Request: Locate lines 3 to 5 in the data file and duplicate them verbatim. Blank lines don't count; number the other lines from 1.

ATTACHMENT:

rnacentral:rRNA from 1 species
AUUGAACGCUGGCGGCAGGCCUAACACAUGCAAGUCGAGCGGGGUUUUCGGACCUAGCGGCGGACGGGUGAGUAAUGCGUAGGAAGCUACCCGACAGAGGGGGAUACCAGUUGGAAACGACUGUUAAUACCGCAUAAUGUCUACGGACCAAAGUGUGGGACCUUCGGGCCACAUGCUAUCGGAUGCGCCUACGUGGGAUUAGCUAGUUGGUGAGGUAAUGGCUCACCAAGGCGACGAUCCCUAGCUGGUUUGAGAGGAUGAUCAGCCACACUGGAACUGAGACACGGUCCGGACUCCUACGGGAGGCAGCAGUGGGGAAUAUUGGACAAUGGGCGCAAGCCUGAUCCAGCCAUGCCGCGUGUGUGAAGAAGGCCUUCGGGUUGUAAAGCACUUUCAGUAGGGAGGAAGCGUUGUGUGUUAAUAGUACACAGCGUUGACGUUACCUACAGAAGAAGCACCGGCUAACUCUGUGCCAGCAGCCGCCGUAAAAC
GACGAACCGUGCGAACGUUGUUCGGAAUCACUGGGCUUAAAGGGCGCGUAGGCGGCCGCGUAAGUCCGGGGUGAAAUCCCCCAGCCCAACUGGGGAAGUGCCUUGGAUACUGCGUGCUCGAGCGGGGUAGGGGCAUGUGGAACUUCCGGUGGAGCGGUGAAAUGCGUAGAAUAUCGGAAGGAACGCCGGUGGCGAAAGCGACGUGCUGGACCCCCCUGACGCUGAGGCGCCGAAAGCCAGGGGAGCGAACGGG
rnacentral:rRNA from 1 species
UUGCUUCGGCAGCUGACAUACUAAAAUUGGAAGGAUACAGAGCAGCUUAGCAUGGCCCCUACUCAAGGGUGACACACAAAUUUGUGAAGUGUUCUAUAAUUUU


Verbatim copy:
GACGAACCGUGCGAACGUUGUUCGGAAUCACUGGGCUUAAAGGGCGCGUAGGCGGCCGCGUAAGUCCGGGGUGAAAUCCCCCAGCCCAACUGGGGAAGUGCCUUGGAUACUGCGUGCUCGAGCGGGGUAGGGGCAUGUGGAACUUCCGGUGGAGCGGUGAAAUGCGUAGAAUAUCGGAAGGAACGCCGGUGGCGAAAGCGACGUGCUGGACCCCCCUGACGCUGAGGCGCCGAAAGCCAGGGGAGCGAACGGG
rnacentral:rRNA from 1 species
UUGCUUCGGCAGCUGACAUACUAAAAUUGGAAGGAUACAGAGCAGCUUAGCAUGGCCCCUACUCAAGGGUGACACACAAAUUUGUGAAGUGUUCUAUAAUUUU